The Rising Popularity of Audio Books

grateful-54-audiobooks[1].jpgWhen I first began selling my novels at craft fairs five years ago, I was occasionally asked if they were available as ebooks, which they were, and still are. Most customers owned Kindles and a few had other e-readers. This year, however, the most frequent question is “Are your books available in audio?”

The answer is not yet, but it looks like I’ll need to do so soon. Based on what I’ve read and heard this year, other writers are saying the same thing. While audio books are rapidly rising in popularity, however, the majority of people I spoke with don’t actually buy them, but borrow audio books from the library. This is anecdotal information, of course. Still, it does appears that this is where my market is.

First, I need to research how to go about creating an audio version of my books. If any of you are aware of a good service, please let me know. I’m especially looking for Canadian options to avoid the high U.S. exchange rate.

Also, please note that I’ll be away this week from Wednesday to Friday, but will catch up on your comments and thoughts then. Thank you!


Researching the Ten Pound Poms

Sydney_Opera_House_Sails_edit02[1]Last week, I blogged about listening to a radio show on coded knitting that inadvertently sparked ideas for a new novel. This week, novel research is being approached from the opposite direction. The work is written, but now I need to flesh out the details.

One section of the contemporary fantasy I’m writing takes place in York, England in the 1950s. My protagonist, a widow with two young children, needs to flee the country to escape her wealthy, predatory father-in-law who’s scheming to take her children away.

Originally, I thought she’d go to South Africa, but after reading a few pages aloud to my critique group, two key questions came up. Why South Africa and how could she afford it? Good questions indeed. I began some research and soon came across an article about the “Ten Pound Poms” as the Australians once called British citizens who migrated to Australia and New Zealand after WWII.

You see, after the war, the Australian government decided it needed British workers (partly due to the Australian government’s racist whites-only policy back then) to build its economy, so they offered passage for only ten pounds, including free passage for kids. Tired of food rationing and probably the weather, among other things, nearly 400,000 Britons applied in the first year alone. The catch to the offer was that the Britons would have to stay for two years before they were allowed to return. Otherwise, they’d have to pay back the full fare.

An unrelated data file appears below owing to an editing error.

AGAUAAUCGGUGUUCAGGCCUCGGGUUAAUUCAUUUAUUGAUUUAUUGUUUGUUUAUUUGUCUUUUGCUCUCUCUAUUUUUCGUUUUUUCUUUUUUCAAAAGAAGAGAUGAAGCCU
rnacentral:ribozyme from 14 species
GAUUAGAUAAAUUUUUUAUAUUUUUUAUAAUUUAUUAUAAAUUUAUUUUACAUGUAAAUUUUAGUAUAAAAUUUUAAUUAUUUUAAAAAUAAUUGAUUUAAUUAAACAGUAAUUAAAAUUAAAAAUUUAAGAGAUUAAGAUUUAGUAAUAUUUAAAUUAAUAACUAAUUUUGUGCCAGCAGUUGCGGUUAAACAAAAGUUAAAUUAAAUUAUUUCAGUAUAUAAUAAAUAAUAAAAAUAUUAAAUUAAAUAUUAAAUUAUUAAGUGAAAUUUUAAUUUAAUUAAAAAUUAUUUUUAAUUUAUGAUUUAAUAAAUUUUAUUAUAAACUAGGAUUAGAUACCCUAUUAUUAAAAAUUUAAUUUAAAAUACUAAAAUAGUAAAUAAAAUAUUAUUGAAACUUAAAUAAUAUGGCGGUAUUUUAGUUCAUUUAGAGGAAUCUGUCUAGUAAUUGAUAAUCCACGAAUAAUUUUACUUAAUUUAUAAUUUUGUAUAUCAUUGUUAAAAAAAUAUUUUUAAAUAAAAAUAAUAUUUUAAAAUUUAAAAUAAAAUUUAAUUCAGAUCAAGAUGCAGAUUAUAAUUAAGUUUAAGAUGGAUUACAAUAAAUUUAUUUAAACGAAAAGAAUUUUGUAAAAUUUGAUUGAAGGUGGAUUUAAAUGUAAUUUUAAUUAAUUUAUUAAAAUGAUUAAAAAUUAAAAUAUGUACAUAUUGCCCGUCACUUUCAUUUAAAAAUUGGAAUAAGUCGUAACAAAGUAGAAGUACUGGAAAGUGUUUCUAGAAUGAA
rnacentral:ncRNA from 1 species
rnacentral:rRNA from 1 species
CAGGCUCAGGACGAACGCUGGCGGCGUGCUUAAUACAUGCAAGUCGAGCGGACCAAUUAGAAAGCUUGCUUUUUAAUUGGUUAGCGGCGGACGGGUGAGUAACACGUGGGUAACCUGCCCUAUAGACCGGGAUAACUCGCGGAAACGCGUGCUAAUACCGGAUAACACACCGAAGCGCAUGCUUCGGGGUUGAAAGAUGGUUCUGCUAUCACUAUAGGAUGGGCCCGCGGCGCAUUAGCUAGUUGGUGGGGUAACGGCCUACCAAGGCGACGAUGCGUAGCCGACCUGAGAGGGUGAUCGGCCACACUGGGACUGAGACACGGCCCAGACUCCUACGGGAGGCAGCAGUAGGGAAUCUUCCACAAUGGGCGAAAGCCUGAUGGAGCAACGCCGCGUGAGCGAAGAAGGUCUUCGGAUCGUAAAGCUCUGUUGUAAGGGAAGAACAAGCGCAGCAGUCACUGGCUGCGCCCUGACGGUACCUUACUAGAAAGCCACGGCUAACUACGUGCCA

Many built new lives there, but a minority loafed around not doing much of anything until they could return home, according to the article HERE. Also, those without money were shuffled into former army barracks when they arrived, so needless to say, conditions were less than ideal.

It’s a fascinating story to me, most of which I’ll never use in the book because my protagonist actually winds up in Canada, due to a dramatic change in circumstances. Still, like last week’s knitting story, this is a bit of real history that I knew nothing about until I began the research, and for that I thank my critique group!

The Secret World of Knitters

knitting_250x251[1]When I was a girl, my grandmother taught me to knit. I kept it up for a few years, but then stopped. I’m not sure why, but it was probably because school and the many ballet classes and practices that demanded my time. Perhaps I haven’t lost interest completely, though, as my most recent Evan Dunstan mystery novella has a ball of yarn on the cover and a couple of key characters are knitters.

What really sparked my interest again was part of a radio discussion I heard while driving home from work last week. It was about women who had used knitting to implant coded messages during WWII. In fact, apparently Dickens’ novel A Tale of Two Cities has a French character who knitted the names of people who were being beheaded into her work.